DALLAS -- Jerry Jones knows a thing or two about big expectations. In a part of the country where thinking big is a way of life, the Cowboys' owner has experienced firsthand how visions of grandeur at once can be something to live up to and a humbling equalizer.
Jones began the season with two visions. First, that his palace in Arlington, Texas, affectionately known by some as "Jerry's World," would set the standard for football stadiums around the globe. And, second, that it would host his team in the Super Bowl, thus making the franchise the first to play the NFL's signature event in its own building, in front of its own fans.
And although Jones' football cathedral -- complete with its 160-foot high-definition video screen, retractable roof and 100,000-plus capacity -- has lived up to every expectation, his second vision never came close to reality as the 6-10 Cowboys fell woefully short of the playoffs, let alone the Super Bowl. And as Jones watched his team sputter to a 1-7 start, he learned a thing or two about resetting some rather Texas-sized expectations.
"I think I crossed that bridge after about six or seven games with the Cowboys this year," Jones said Tuesday. "So I had my expectations set early.
"We had a league meeting with all the owners, and I told them early in the fall ... the way we're stinking it up on the football field there in Dallas, I know the idea of being the first team to have ever played in its own Super Bowl has passed me by now."
Jones' dream of having the perfect team in the perfect home never materialized -- this season. But Cowboys Stadium seemingly exceeded every expectation set for it as host for one of the world's most popular sporting events. Even in the face of a rare ice storm the week of the game.
"When I was thinking about building this stadium -- the fact that we're sitting here today with some sleet on the streets, yet we know the kind of football game we're going to have for the world to see and for the 100-and-some-thousand-something fans to see -- the fact we know what's going to happen ... says what this is all about," Jones said. "And that stadium needed to be enclosed. It needed to come as close to being enclosed but feeling like it's outside as you can do, which was a goal. And all of that as a vision had the Super Bowl in mind."
Jones emphasized that his $1.2 billion stadium was constructed in the face of a recession. But instead of limiting the scope of what he could build, Jones chose to go bigger in much the same way the NFL is pushing forward with the idea of expanding to an 18-game regular season with a potential work stoppage on the horizon.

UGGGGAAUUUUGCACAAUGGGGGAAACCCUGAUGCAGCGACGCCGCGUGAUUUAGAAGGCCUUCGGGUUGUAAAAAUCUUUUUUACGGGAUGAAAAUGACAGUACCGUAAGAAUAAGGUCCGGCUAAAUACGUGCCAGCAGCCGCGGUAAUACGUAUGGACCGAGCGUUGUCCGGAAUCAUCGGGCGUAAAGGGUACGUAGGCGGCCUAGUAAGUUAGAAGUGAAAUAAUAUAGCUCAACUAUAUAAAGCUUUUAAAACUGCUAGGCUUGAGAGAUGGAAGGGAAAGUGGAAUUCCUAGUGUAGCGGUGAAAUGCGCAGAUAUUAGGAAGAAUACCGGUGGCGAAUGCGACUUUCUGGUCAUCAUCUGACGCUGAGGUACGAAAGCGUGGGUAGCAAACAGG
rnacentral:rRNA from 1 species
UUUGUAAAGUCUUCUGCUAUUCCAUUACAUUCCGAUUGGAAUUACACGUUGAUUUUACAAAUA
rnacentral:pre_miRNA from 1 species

"Rather than scale back, I pushed the gas pedal and basically increased the scope of the stadium and increased the cost of the stadium," Jones said. "I did that -- you can say crazy -- but I did that because I really do feel like there is a huge future, not only economically in the country, but there is a huge future in the NFL. So that stadium represented that."
Jones hopes his success in a time of economic uncertainty can serve as a metaphor for the current labor strife between players and owners -- that out of adversity can come a model for success.
"I built this stadium not based upon the system that had been in place," Jones said. "I based it on just common thought and a gut feeling that we will re-do the business model that we have. And when we re-do it, doing things like building this stadium make a lot of sense. It wouldn't make a lot of sense doing it in the system we're in."
Ever the forward thinker, Jones believes the NFL can think bigger, as he did six or so years ago, when plans for Cowboys Stadium's construction began.
"It is incumbent on us to recognize that what we have in place is not a good model," Jones said of the current collective bargaining agreement. "And rather than waiting until we're in the shape the country's in or the world is in, when things have gone to hell in a handbasket economically, that we make some of those changes we'd love to have made 10 or 15 years ago in this country. You do it before you're off the cliff rather than as you drive off."
Jones' lessons from this season -- those of both great success and failure -- certainly can be applied to NFL ownership's attempts to reach a compromise with a players association that's content with the league's economic structure as it stands.
"I've done my worst work when I thought I had a pretty good hand," Jones said. "I started the season off saying, 'What's not to like where we are?' And to me, that has always been not the kiss of death, but certainly an idea that you're not quite in the position you think you are."